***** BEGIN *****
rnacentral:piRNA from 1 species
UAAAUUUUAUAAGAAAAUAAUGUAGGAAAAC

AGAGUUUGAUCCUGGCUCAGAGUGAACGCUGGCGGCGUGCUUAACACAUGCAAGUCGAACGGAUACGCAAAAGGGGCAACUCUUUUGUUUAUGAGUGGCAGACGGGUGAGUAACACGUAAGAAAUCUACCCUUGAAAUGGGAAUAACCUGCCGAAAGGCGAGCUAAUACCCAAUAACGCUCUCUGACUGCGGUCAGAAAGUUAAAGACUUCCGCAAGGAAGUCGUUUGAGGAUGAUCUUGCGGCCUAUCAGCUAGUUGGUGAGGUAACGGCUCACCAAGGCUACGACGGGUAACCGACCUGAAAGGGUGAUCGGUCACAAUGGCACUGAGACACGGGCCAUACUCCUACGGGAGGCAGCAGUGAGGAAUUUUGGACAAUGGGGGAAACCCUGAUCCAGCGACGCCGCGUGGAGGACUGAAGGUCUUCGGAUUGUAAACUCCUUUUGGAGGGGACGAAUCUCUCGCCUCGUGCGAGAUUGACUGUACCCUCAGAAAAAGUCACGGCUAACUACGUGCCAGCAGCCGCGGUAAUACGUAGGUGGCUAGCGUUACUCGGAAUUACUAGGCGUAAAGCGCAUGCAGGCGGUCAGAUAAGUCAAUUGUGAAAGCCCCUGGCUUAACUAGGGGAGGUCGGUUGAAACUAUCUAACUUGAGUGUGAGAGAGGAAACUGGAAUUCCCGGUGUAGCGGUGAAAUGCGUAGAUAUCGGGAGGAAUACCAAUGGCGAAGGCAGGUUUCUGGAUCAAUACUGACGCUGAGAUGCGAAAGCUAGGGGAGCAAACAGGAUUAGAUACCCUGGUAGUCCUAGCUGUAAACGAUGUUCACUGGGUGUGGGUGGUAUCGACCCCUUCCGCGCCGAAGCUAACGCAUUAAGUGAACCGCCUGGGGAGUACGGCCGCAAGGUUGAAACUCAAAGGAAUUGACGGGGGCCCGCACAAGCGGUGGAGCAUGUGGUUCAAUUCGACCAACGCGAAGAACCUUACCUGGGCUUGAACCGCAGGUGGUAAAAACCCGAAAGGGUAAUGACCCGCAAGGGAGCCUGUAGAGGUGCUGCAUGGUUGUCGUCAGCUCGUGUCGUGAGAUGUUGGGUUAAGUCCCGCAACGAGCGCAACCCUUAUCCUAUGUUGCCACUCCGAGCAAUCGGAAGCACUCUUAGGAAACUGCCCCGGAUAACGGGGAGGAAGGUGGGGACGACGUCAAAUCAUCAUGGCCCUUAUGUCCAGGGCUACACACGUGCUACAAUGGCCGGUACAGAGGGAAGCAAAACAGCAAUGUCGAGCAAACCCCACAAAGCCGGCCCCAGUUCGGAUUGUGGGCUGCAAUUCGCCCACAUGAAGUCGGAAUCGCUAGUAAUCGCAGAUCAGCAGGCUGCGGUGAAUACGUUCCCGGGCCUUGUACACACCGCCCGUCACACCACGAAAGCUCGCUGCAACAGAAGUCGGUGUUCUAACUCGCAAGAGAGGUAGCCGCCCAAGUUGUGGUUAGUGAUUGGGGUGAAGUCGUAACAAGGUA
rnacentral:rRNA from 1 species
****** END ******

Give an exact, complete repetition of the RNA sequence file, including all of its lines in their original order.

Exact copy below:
rnacentral:piRNA from 1 species
UAAAUUUUAUAAGAAAAUAAUGUAGGAAAAC

AGAGUUUGAUCCUGGCUCAGAGUGAACGCUGGCGGCGUGCUUAACACAUGCAAGUCGAACGGAUACGCAAAAGGGGCAACUCUUUUGUUUAUGAGUGGCAGACGGGUGAGUAACACGUAAGAAAUCUACCCUUGAAAUGGGAAUAACCUGCCGAAAGGCGAGCUAAUACCCAAUAACGCUCUCUGACUGCGGUCAGAAAGUUAAAGACUUCCGCAAGGAAGUCGUUUGAGGAUGAUCUUGCGGCCUAUCAGCUAGUUGGUGAGGUAACGGCUCACCAAGGCUACGACGGGUAACCGACCUGAAAGGGUGAUCGGUCACAAUGGCACUGAGACACGGGCCAUACUCCUACGGGAGGCAGCAGUGAGGAAUUUUGGACAAUGGGGGAAACCCUGAUCCAGCGACGCCGCGUGGAGGACUGAAGGUCUUCGGAUUGUAAACUCCUUUUGGAGGGGACGAAUCUCUCGCCUCGUGCGAGAUUGACUGUACCCUCAGAAAAAGUCACGGCUAACUACGUGCCAGCAGCCGCGGUAAUACGUAGGUGGCUAGCGUUACUCGGAAUUACUAGGCGUAAAGCGCAUGCAGGCGGUCAGAUAAGUCAAUUGUGAAAGCCCCUGGCUUAACUAGGGGAGGUCGGUUGAAACUAUCUAACUUGAGUGUGAGAGAGGAAACUGGAAUUCCCGGUGUAGCGGUGAAAUGCGUAGAUAUCGGGAGGAAUACCAAUGGCGAAGGCAGGUUUCUGGAUCAAUACUGACGCUGAGAUGCGAAAGCUAGGGGAGCAAACAGGAUUAGAUACCCUGGUAGUCCUAGCUGUAAACGAUGUUCACUGGGUGUGGGUGGUAUCGACCCCUUCCGCGCCGAAGCUAACGCAUUAAGUGAACCGCCUGGGGAGUACGGCCGCAAGGUUGAAACUCAAAGGAAUUGACGGGGGCCCGCACAAGCGGUGGAGCAUGUGGUUCAAUUCGACCAACGCGAAGAACCUUACCUGGGCUUGAACCGCAGGUGGUAAAAACCCGAAAGGGUAAUGACCCGCAAGGGAGCCUGUAGAGGUGCUGCAUGGUUGUCGUCAGCUCGUGUCGUGAGAUGUUGGGUUAAGUCCCGCAACGAGCGCAACCCUUAUCCUAUGUUGCCACUCCGAGCAAUCGGAAGCACUCUUAGGAAACUGCCCCGGAUAACGGGGAGGAAGGUGGGGACGACGUCAAAUCAUCAUGGCCCUUAUGUCCAGGGCUACACACGUGCUACAAUGGCCGGUACAGAGGGAAGCAAAACAGCAAUGUCGAGCAAACCCCACAAAGCCGGCCCCAGUUCGGAUUGUGGGCUGCAAUUCGCCCACAUGAAGUCGGAAUCGCUAGUAAUCGCAGAUCAGCAGGCUGCGGUGAAUACGUUCCCGGGCCUUGUACACACCGCCCGUCACACCACGAAAGCUCGCUGCAACAGAAGUCGGUGUUCUAACUCGCAAGAGAGGUAGCCGCCCAAGUUGUGGUUAGUGAUUGGGGUGAAGUCGUAACAAGGUA
rnacentral:rRNA from 1 species